1/2" EIAJ-1 Video Format
1/2" EIAJ-1 Format Information:
Videotape Format: 1/2" EIAJ-1
In use: 1969 - 1980s.
Recording mode: Analog video, rotary 2 head, single track helical scanning.
Tape speed: 7.5 inches per second.
Tape width: 1/2" open reel to reel.
Features: Compatible reel-to-reel video format manufactured by several companies (ie. Sony, Panasonic, Concord etc.) Enabled the widespread growth of non-broadcast video and the fluid exchange of tapes. Videotapes sold were known as Sony Video Tape For Helical Scan Video Recorders with model numbers such as V-30H, V-31, V-32 and empty reels such as RH-7V. Another popular 1/2" tape stock was Scotch 361 Video Tape, Concord Video Tape, Shibaden Video Tape, Panasonic Video Tape and Karex Video Tape. Each brand of video tape could be used on EIAJ machines or other non-EIAJ VTR’s such as Sony skip field, Concord, Panasonic, and Shibaden half-inch video tape machines. Many of Sony’s video machines were known as a videocorder.
Existing machine longevity: Near extinct.
Videotape longevity: Low.
Prior usage: Home, business, cable TV and educational installations.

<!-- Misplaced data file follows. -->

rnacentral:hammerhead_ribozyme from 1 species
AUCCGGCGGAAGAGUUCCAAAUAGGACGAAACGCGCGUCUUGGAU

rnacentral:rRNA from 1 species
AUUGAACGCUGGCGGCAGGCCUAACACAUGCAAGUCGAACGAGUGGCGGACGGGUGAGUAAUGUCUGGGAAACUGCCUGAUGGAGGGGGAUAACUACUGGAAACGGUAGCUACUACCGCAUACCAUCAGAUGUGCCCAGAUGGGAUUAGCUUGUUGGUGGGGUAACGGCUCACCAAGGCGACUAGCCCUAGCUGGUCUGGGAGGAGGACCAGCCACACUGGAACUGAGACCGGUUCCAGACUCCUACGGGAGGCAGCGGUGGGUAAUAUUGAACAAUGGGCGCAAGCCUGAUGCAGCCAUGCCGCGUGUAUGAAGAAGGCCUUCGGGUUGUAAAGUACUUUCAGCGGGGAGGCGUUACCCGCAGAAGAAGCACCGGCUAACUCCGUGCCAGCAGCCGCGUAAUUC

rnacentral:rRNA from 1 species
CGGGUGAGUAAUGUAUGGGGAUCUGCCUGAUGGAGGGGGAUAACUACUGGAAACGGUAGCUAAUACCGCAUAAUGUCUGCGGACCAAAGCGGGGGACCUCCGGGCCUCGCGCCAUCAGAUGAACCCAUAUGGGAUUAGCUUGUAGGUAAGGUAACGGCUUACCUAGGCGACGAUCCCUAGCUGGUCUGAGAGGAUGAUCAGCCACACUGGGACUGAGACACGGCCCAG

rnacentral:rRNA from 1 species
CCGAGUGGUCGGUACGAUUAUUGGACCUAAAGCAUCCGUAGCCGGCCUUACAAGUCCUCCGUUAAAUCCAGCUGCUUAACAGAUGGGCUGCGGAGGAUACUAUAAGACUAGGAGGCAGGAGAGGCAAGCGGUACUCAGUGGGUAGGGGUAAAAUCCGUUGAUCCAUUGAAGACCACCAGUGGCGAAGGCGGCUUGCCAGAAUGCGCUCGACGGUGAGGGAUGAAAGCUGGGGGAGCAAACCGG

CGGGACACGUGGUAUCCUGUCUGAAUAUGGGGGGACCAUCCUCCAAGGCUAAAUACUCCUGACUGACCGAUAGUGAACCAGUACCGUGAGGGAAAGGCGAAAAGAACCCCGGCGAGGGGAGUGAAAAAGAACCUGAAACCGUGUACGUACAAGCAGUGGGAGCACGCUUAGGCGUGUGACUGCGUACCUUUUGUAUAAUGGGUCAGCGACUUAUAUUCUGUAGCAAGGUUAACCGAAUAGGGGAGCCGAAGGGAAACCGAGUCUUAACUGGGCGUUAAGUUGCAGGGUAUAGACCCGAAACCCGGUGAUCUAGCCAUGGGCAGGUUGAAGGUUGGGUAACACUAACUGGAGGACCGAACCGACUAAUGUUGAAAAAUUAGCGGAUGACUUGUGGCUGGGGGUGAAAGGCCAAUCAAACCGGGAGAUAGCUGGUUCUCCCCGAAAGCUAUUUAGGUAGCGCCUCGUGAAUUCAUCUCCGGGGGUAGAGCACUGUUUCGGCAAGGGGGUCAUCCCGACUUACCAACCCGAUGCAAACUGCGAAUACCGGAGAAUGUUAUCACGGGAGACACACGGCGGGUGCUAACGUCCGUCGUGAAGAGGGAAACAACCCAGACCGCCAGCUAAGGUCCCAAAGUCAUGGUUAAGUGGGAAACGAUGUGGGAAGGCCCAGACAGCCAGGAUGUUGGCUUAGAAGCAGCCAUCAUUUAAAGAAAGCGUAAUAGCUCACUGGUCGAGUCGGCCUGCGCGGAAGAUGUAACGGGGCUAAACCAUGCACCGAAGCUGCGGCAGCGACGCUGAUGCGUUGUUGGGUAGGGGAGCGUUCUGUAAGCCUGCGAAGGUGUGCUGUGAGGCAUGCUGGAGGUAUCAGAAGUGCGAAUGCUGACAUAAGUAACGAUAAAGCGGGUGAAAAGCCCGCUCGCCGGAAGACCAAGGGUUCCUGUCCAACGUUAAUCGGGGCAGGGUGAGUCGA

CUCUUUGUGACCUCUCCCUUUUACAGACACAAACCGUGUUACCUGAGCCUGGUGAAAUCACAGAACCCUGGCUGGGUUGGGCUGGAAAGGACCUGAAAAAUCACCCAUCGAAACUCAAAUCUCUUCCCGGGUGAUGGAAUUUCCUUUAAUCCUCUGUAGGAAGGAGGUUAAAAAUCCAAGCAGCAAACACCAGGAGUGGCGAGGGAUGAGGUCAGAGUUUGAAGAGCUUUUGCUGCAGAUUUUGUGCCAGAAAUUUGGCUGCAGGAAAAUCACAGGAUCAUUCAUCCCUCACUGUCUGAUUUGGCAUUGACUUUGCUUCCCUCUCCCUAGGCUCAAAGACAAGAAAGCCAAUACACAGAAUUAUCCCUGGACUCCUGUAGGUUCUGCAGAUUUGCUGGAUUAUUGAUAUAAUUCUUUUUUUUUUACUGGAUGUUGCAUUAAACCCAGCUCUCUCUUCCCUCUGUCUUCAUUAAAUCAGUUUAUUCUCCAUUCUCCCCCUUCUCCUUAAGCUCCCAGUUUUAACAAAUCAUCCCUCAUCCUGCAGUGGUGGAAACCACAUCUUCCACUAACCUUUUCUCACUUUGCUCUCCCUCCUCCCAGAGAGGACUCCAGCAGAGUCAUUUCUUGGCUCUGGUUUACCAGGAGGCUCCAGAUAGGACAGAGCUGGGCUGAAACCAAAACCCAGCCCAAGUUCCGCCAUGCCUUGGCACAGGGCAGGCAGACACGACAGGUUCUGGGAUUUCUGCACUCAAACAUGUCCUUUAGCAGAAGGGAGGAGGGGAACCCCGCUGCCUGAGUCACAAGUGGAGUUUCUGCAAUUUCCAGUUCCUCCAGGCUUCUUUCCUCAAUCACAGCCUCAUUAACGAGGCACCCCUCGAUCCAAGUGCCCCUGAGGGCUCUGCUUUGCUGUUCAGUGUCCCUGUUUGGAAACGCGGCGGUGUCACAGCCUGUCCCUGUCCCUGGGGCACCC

Notes on the 1/2" EIAJ-1... In 1969, the EIAJ (Electronic Industries Association of Japan) brought several different manufactures together to agree upon a single, compatible videotape format. Up until this point, many different recording schemes existed that could only be played back on either the same machine that made the original recording to begin with, or on another machine of the same manufacturer. In other words, a Sony recording could not be played on a Panasonic deck. Thus, this agreement allowed several manufacturers to build videotape recorders to a single specification. These videotape recorders used both fields of the TV frame for better resolution, a vast improvement over the Sony CV skip field system. And so began the wide scale capability of videotape exchange amongst non-broadcast users, such as individuals, schools, and businesses. Initially, only black and white machines were made, but later, color capable machines were marketed. There was a cartridge machine developed and sold also based on this same format, the predecessor to the modern age ¾" and VHS cassette decks.